Then my alarm went off this morning. When I wake up with pain, to me there is a clear solution. I should stay underneath the warm covers and go back to sleep. Or, if I’m hungry, I should get up, eat breakfast, and then huddle under the covers and fall back asleep. Back to the world where I only feel pain when I wake up.

I tried that today. I got up and ate and curled back up under the covers to contemplate whether I could handle a bus to campus and back, as well as 2.5 hours of class. I decided to tough it out. I showered (sometimes that brings relief, but not today). And headed out. The pulsing behind my eye had moved up to halfway between my ear and my eye. My right lobe was also chiming in once in a while, worried about being left out.

Now, as I sit hear writing, I am in pain. And I will go home and lie down and it will get a bit better, but I know that I’ll struggle to sleep again tonight. And that, most likely, I’ll wake up tomorrow in pain…again.

What do I do? Hope the pain decreases instead of increases. Hope that my doctors have new plans for me next week. Hope that I have some good distractions (B, music, movies, tv, puzzles, design work). Hope ’til I can’t hope any more and then wake up again tomorrow.

Botox, Baby!

I haven’t written about my personal migraines lately, but they’ve been getting worse. Bad enough for me to decide to try out Botox for Migraines. I was scared silly about this. I knew that most people had significant pain with the Botox and my neurologist mentioned when she had it she heard crunching. That alone made me terrified. At the same time though, I am sick and tired of migraines and ready to try something new.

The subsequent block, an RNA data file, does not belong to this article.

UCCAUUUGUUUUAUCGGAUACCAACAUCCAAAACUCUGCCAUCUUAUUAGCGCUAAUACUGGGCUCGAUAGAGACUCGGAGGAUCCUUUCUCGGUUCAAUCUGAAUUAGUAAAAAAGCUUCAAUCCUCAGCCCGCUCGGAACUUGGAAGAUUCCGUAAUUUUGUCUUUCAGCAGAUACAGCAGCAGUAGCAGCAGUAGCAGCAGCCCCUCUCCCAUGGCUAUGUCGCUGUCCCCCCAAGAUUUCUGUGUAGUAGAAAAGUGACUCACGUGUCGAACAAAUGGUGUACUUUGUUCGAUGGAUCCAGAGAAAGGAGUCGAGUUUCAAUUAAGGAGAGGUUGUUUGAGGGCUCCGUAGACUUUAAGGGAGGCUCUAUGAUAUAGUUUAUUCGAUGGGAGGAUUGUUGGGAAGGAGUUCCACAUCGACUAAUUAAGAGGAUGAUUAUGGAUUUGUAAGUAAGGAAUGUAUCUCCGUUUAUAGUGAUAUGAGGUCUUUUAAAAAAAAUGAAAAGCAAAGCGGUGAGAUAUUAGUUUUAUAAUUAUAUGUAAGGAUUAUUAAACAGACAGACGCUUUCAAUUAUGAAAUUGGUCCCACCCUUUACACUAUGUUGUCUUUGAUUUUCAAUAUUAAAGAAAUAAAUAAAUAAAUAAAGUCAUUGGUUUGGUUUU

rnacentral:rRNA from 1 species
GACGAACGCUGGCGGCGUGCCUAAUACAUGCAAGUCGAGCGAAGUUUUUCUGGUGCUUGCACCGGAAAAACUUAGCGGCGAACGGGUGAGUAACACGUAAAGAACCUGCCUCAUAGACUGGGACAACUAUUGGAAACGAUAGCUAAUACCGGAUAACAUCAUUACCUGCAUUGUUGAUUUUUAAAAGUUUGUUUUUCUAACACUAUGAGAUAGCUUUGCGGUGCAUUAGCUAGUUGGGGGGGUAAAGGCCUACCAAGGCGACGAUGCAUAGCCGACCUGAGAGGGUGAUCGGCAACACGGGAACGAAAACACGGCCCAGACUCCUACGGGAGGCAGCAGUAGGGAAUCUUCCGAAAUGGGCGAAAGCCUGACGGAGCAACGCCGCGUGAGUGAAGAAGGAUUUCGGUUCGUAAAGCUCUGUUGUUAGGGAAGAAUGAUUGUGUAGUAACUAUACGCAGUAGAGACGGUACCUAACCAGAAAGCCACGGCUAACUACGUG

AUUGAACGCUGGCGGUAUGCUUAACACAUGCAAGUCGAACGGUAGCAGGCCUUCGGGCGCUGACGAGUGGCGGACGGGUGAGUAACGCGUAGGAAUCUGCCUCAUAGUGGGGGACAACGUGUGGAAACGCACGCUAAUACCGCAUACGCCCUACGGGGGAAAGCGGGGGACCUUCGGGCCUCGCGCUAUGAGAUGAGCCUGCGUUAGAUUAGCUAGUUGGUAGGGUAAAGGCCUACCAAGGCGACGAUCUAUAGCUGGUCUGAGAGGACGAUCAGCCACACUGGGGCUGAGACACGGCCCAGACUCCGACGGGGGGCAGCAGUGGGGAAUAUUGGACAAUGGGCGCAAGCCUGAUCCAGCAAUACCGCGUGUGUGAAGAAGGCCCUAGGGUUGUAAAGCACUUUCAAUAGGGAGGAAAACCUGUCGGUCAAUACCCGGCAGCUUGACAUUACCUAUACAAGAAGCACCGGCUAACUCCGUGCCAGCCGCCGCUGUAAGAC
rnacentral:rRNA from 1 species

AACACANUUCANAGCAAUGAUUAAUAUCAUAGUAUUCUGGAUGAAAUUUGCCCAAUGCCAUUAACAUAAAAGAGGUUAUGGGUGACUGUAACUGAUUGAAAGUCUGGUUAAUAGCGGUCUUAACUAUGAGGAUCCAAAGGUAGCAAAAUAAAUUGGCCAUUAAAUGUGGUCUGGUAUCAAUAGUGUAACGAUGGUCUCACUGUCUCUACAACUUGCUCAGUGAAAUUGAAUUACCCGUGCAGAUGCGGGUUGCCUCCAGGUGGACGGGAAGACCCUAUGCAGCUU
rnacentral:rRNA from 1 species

So at my August appointment, I talked to my neurologist about moving towards Botox. She set the wheels in motion for me to get it done. First, my insurance had to approve it. My insurance says the following about Botox for migraines:

“Botox requires a prior authorization but will generally be approved when the following criteria are met:

1. Chronic migraine (defined as >= 15 headache days/month lasting >=4 hours a day) despite standard treatment including three or more preventive treatments (e.g., amitriptyline, topamax, verapamil and betablockers) or medical contraindications to one or more of these therapies.

2. Prescribing by a headache specialist who has received training in the injection technique.”

I have been on three (now four) preventative treatments. None of them have done much. So I figured approval would be no problem. FALSE. It took over 6 weeks for my insurance to approve me for treatment. But they did on October 7 and notified me (and my doctor) on October 13. I immediate called the “neurotoxin scheduling line” to schedule and they were able to get me in on October 18 (instead of the 3 to 4 months I’d been told to expect).

So I started reading. And I became even more fearful. All the forum postings I read were apparently from people who’d had horrible experiences. The side effects seemed scarier than normal. (See http://www.allergan.com/assets/pdf/botox_pi.pdf) And I didn’t understand how it worked.

Botox for migraines helps to weaken or paralyze the hyper activated muscles by suppressing the release of acetylcholine, which mainly causes the transmission of nerve impulses at synapses and myoneural. This treatment can also be used for reducing the pain associated with the cervical dystonia, achalasia and rectal fissures. Botox is usually injected directly into the affected muscles.

There are different theories to explain the working of the Botox for the elimination of migraine headaches. According to one theory, as tension and spasms are the main causes of migraines, Botox eliminate the headaches by eliminating the muscle tension. It is also believed that Botox reduces the headaches by inhibiting the transmission of nerve cells. According to this theory headache is caused due to the increased amount of signals send by the nerves.”